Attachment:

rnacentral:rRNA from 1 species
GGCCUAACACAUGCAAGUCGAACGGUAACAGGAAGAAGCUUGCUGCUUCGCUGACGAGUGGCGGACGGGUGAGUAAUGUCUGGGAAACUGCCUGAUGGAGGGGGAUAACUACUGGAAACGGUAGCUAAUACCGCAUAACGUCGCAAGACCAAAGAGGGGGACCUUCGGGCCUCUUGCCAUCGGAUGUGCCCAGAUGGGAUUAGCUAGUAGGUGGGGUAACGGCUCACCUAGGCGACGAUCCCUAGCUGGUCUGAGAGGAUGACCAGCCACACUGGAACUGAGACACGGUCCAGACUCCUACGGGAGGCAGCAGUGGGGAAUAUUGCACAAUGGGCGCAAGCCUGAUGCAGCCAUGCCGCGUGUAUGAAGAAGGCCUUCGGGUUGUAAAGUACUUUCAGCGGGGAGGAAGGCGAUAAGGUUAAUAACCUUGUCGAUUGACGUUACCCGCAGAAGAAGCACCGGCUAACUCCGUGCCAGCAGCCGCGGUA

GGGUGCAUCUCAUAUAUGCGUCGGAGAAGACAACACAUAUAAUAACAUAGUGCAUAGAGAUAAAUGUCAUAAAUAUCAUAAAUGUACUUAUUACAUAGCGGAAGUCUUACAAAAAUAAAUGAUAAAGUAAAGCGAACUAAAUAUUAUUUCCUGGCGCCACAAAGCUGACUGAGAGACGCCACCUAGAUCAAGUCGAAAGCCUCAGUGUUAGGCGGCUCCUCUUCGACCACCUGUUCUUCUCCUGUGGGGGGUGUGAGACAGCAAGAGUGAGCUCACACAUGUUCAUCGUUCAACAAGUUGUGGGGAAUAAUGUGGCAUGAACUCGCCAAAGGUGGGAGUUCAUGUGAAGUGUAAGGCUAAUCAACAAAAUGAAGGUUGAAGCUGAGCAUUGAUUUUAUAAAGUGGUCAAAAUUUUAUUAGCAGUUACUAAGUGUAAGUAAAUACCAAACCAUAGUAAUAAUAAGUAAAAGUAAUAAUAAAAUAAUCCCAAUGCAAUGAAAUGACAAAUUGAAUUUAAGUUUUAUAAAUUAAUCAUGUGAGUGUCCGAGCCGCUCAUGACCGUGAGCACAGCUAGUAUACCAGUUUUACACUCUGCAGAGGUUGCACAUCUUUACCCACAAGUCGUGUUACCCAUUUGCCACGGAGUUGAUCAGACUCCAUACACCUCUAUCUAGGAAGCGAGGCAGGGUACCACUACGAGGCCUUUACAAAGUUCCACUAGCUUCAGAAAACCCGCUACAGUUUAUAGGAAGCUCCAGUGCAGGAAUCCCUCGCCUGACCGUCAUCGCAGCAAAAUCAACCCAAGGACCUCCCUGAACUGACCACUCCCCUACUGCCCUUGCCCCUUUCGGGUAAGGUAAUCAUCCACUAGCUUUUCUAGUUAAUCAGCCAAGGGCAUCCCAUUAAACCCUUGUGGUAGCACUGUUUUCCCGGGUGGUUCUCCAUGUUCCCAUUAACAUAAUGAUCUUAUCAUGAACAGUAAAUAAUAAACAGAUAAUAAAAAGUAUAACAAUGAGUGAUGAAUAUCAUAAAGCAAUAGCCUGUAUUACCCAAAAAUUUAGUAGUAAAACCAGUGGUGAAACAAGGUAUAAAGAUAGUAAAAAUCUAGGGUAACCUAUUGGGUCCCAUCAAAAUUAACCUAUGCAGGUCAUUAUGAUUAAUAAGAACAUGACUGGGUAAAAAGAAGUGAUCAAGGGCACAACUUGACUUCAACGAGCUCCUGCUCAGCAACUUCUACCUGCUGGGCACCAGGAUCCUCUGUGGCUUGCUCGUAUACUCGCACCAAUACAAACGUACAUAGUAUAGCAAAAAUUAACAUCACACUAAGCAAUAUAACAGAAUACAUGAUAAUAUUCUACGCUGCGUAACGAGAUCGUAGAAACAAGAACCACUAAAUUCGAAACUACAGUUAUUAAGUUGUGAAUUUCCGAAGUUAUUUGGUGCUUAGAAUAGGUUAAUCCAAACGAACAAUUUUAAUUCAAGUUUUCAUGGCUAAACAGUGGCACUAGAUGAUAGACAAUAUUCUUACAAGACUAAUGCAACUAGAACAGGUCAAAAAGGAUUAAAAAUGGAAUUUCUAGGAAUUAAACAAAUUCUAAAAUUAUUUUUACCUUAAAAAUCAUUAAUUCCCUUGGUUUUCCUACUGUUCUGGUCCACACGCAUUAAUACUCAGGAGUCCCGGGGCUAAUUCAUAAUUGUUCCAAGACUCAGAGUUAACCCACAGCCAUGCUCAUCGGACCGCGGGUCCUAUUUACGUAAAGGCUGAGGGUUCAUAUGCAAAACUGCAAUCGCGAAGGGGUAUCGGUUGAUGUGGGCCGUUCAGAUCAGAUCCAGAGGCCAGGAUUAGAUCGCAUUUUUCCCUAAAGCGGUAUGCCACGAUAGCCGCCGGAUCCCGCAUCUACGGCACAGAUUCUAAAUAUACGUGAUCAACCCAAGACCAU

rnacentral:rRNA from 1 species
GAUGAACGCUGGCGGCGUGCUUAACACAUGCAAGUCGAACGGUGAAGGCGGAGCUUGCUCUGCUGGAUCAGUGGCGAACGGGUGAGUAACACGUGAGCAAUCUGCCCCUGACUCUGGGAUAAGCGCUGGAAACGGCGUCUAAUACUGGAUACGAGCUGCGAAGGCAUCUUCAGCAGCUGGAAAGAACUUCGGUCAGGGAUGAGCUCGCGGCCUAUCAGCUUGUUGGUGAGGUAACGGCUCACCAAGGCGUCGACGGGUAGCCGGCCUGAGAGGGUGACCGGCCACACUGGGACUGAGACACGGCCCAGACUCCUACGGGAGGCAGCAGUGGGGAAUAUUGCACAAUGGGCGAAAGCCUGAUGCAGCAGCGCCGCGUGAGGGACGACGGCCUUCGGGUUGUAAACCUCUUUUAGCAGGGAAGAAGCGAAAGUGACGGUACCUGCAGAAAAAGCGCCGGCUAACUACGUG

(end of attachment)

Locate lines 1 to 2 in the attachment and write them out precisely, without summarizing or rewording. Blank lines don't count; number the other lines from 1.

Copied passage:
rnacentral:rRNA from 1 species
GGCCUAACACAUGCAAGUCGAACGGUAACAGGAAGAAGCUUGCUGCUUCGCUGACGAGUGGCGGACGGGUGAGUAAUGUCUGGGAAACUGCCUGAUGGAGGGGGAUAACUACUGGAAACGGUAGCUAAUACCGCAUAACGUCGCAAGACCAAAGAGGGGGACCUUCGGGCCUCUUGCCAUCGGAUGUGCCCAGAUGGGAUUAGCUAGUAGGUGGGGUAACGGCUCACCUAGGCGACGAUCCCUAGCUGGUCUGAGAGGAUGACCAGCCACACUGGAACUGAGACACGGUCCAGACUCCUACGGGAGGCAGCAGUGGGGAAUAUUGCACAAUGGGCGCAAGCCUGAUGCAGCCAUGCCGCGUGUAUGAAGAAGGCCUUCGGGUUGUAAAGUACUUUCAGCGGGGAGGAAGGCGAUAAGGUUAAUAACCUUGUCGAUUGACGUUACCCGCAGAAGAAGCACCGGCUAACUCCGUGCCAGCAGCCGCGGUA